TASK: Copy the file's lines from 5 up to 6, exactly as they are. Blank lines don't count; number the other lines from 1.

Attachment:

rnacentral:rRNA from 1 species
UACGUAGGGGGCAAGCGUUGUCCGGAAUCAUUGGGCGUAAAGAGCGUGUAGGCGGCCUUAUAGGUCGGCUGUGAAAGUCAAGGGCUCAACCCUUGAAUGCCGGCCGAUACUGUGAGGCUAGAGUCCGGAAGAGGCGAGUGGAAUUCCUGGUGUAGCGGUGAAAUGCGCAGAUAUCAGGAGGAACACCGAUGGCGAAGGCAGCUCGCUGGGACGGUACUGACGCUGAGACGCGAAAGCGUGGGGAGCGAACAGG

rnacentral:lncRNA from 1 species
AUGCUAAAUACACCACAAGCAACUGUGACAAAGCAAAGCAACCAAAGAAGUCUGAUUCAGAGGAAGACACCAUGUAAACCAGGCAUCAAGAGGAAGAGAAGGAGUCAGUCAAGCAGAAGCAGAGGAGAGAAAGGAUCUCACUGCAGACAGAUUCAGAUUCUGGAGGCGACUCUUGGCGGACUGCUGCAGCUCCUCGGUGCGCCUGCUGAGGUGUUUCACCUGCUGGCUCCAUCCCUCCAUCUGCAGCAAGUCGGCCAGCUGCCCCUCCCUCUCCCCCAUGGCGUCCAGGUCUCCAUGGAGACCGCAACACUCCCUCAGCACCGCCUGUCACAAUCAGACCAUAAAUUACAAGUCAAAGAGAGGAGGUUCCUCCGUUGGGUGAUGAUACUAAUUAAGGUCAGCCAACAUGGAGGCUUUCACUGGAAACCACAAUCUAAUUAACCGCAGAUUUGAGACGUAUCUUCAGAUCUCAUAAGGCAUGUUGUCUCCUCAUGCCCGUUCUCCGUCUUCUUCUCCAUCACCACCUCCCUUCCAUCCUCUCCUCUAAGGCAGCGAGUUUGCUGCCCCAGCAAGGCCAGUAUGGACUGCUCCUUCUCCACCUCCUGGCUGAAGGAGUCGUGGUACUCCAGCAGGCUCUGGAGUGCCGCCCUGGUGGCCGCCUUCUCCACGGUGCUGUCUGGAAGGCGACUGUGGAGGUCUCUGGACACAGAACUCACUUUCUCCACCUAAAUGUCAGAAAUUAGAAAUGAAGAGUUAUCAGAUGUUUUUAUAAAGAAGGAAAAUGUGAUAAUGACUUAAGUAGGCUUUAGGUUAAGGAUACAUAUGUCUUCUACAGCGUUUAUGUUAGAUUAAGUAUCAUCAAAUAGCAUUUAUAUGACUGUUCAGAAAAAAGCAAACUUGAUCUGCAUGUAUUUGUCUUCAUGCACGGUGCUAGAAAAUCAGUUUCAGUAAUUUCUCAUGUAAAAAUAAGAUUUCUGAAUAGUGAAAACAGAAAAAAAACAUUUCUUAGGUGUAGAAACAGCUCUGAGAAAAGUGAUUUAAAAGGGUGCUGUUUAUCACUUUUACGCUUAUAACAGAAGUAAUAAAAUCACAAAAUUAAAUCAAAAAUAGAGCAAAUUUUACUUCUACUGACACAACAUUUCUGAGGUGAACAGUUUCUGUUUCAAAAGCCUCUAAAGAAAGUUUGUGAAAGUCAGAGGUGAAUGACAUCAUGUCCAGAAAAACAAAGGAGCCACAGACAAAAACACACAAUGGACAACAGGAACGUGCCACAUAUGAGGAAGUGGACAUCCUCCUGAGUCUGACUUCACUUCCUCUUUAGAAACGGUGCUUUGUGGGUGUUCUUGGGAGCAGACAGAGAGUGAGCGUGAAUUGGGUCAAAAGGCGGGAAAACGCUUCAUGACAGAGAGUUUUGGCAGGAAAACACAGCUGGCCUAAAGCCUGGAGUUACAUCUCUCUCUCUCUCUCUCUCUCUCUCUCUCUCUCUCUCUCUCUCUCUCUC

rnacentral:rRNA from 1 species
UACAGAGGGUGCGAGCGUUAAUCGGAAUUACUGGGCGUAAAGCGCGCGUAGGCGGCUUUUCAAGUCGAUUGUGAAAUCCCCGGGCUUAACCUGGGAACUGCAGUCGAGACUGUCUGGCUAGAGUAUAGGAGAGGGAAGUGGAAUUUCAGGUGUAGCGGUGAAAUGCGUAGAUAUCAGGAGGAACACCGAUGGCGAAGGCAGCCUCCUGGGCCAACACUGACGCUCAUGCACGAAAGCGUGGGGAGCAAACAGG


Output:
rnacentral:rRNA from 1 species
UACAGAGGGUGCGAGCGUUAAUCGGAAUUACUGGGCGUAAAGCGCGCGUAGGCGGCUUUUCAAGUCGAUUGUGAAAUCCCCGGGCUUAACCUGGGAACUGCAGUCGAGACUGUCUGGCUAGAGUAUAGGAGAGGGAAGUGGAAUUUCAGGUGUAGCGGUGAAAUGCGUAGAUAUCAGGAGGAACACCGAUGGCGAAGGCAGCCUCCUGGGCCAACACUGACGCUCAUGCACGAAAGCGUGGGGAGCAAACAGG